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California’s tax department inadvertently posted draft tax collection rules for online retailers on its website that indicate the state may copy South Dakota’s law beginning Aug. 1.
In the document, obtained by Bloomberg Tax, the California Department of Tax and Fee Administration said retailers must register and collect tax if they met certain thresholds during the current or previous calendar year as a result of the U.S. Supreme Court’s ruling in South Dakota v. Wayfair. The draft document is no longer posted.
The thresholds of $100,000 in sales or 200 transactions annually for delivery to California customers mirror South Dakota’s law, which the court strongly suggested would pass constitutional muster. The June 21 Wayfairruling—which tossed out Quill Corp. v. North Dakota, the Supreme Court’s 1992 physical presence threshold for when states could tax remote sales—has many states looking to expand their authority over online sales taxation.
In a prepared statement, a CDTFA spokesman told Bloomberg Tax the posting of the draft document was an error. The department hasn’t issued its official guidance yet in response to Wayfair.
“[W]hat you obtained was an unofficial internal-only document that was inadvertently placed on our test website,” spokesman Paul Cambra said. “It was a draft written prior to the Supreme Court ruling and was not for publication or public distribution. Now that the court has issued its ruling, CDTFA is currently evaluating the next steps in a thoughtful manner that supports California taxpayers.”
The document was downloaded from the CDTFA’s website June 22, according to a time stamp. It has been circulated among some tax practitioners in California.
“As a result of the Wayfair decision, a retailer may now have a substantial nexus with California without having a physical presence in this state,” the document said. “Also, federal law now permits California to begin requiring retailers to collect use tax if the retailers have similar levels of sales activity in this state as those in the South Dakota law, regardless of whether they have a physical presence in California, and, as provided above, the CDTFA will require such retailers to collect California use tax, beginning August 1, 2018.”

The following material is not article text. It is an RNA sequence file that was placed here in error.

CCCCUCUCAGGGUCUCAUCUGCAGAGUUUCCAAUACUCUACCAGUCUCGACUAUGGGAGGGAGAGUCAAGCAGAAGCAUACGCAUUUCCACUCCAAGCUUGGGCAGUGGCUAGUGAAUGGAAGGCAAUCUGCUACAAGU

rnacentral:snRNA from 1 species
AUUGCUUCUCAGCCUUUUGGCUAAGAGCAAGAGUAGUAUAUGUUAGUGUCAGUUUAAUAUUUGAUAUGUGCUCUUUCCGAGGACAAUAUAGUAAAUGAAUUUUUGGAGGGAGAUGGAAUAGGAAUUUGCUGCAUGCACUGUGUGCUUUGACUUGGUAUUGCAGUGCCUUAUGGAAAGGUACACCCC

The CDTFA’s position hinges on provisions in a 2012 state law that says a retailer engaged in business in the state “means any retailer that has substantial nexus with this state for purposes of the commerce clause of the United States Constitution and any retailer upon whom federal law permits this state to impose a use tax collection duty.”
California lawmakers included the long-arm provisions with an eye toward eventual action in Congress or the courts to overturn Quill. In its 5-4 Wayfair ruling, the court stopped short of formally declaring South Dakota’s law valid in the absence of Quill, and the South Dakota Supreme Court still has to bless the state’s economic nexus model before it can become effective. It’s expected to do so in mid-August.
The department may be vulnerable to legal challenges if it doesn’t issue regulations and only issues its final policy in notice form, Carley Roberts, an attorney with Pillsbury Winthrop Shaw Pittman LLP in Sacramento, told Bloomberg Tax. Regulations are needed to set a uniform policy of general application, she said.
“What really struck me is that they’re just going to say it,” Roberts said.
Thresholds for nexus in the draft are encouraging, but the thresholds from the South Dakota law are too low, Eric Miethke, president and CEO of Capitol Law and Policy Inc., told Bloomberg Tax. The CDTFA should consider higher thresholds to reflect California’s size.
Although the draft points out that the statewide sales and use tax rate is 7.25 percent, it doesn’t address whether out-of-state online retailers must collect that amount, or the higher amounts set in many California jurisdictions, he said. Many cities and counties have added incremental taxes to the state base for specific purposes.
The draft also isn’t clear on the issue of retroactivity, Miethke said. Although the CDTFA draft would set the Aug. 1 date for registration and collection, it doesn’t specifically say whether the department will only look forward, or will go back to collect tax from retailers to the extent allowed under the statute of limitations, he said.
In the draft document, the CDTFA reminds retailers that the decision doesn’t change the rules for those retailers required to collect California use tax before the Wayfair ruling.
Under the law, online retailers have been required to collect and remit use tax if they have affiliates who sell at least $10,000 in merchandise a year through referrals to sales platforms such as Amazon.com Inc. through links or ads, and if they sell at least $1 million a year in merchandise to California residents. They also must collect and remit if a member of their corporate group is in the state.
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